1. Say a silent prayer or meditate silently right atthe moment when your family is acting up. The prayercan be, "Please God (or Spirit), give me strength to be patient with the difficult members of my family and open me up to the possibility that I will have a few sacred moments of connection with those family I love and whom I don't get to see often enough." Or, humorously, it can be, "Thank you God (or Spirit) that I don't have to see these people 24/7."
2. Choose to bless your most troubled or difficultfamily member rather than cursing this person. In mostspiritual traditions there are blessings you can sayto regain your peace of mind and your ability to speakrespectfully to even the most unpleasant individuals. For example, if you silently say to yourself, "May Godbless and keep this person," it gives you an extra 10seconds of impulse control so that you can negotiatecalmly with this difficult individual rather thanerupting in anger or insults. Instead of provoking awar with this person, you can silently bless him orher and then say respectfully out loud, "Let's worktogether to figure out how to improve the way weinteract at these holiday gatherings. You go first,and I'll listen to your ideas. Then I'll go second,and I hope you'll listen to my ideas, too."
3. Look for the wounded soul that is often hiddendeeply under this person's toxic comments andpersonality traits. You may need to do some informalresearch ahead of the next visit to find out fromaunts, uncles, cousins, or others when and how thisdifficult family member changed from being a kind soulinto an angry or self-absorbed individual. Thatdoesn't mean you need to whitewash or minimize thehurtful things he or she does, but rather it will giveyou the compassion and perspective to realize thisperson's woundedness is old and deep, having nothing to do with you.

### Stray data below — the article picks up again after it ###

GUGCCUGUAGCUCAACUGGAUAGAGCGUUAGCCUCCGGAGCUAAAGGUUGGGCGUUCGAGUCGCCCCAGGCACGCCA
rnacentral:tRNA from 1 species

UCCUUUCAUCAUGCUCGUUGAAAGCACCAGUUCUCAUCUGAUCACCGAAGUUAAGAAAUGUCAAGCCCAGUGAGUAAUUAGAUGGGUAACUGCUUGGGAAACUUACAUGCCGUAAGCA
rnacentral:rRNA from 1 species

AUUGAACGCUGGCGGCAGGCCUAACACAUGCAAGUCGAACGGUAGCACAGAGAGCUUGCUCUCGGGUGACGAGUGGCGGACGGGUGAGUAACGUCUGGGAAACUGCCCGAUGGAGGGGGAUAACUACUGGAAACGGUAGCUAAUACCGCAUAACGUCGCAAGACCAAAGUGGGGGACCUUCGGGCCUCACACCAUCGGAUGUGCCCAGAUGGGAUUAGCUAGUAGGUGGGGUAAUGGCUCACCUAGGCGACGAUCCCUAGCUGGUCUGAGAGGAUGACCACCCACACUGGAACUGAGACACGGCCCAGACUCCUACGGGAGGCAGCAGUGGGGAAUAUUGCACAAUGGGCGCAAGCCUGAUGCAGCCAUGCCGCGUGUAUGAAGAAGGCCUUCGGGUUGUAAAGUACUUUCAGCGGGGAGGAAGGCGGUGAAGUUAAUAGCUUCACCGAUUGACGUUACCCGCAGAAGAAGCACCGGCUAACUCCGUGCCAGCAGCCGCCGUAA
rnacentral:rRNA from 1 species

5. Recognize the growth that this person stirs up inyou. In the 23rd Psalm, there is a mysteriousstatement that "You prepare a table before me in thepresence of my enemies." Some spiritual teacherssuggest that just as an oyster needs sand to irritate,polish and create a fine pearl, so does life give usdifficult relatives who force us to grow and learnmore about patience, compassion, kindness,limit-setting, strength, and the release ofexpectations. If it weren't for your difficultrelatives, would you have ever been forced to work sohard at becoming the kind of person you are today? Ifit weren't for the unpleasant ways you were treated bycertain members of your family, would you have knownto be so careful so as not to mistreat your spouse,your kids, your friends, or your co-workers? Ratherthan dreading your encounters with your toughest ormost insensitive relatives, you can view each currentand future interaction as another chance to be testedand see how far you have come on your personaljourney. You don't need to be perfect, but you canremind yourself to stay open to what each stressfulsituation with your family is trying to teach you.
6. When you're feeling trapped, call a "lifeline." You can regain your sense ofhumor and your inner strength by phoning a supportive friend and saying, "Could you please remind me if I'ma worthwhile human being...I'm with my relatives rightnow and I've completely forgotten." Just that onesentence of ironic humor can snap you out of thefeelings of victimization and aloneness that could causeyou to shut down, overeat, or drink too much atfamily gatherings.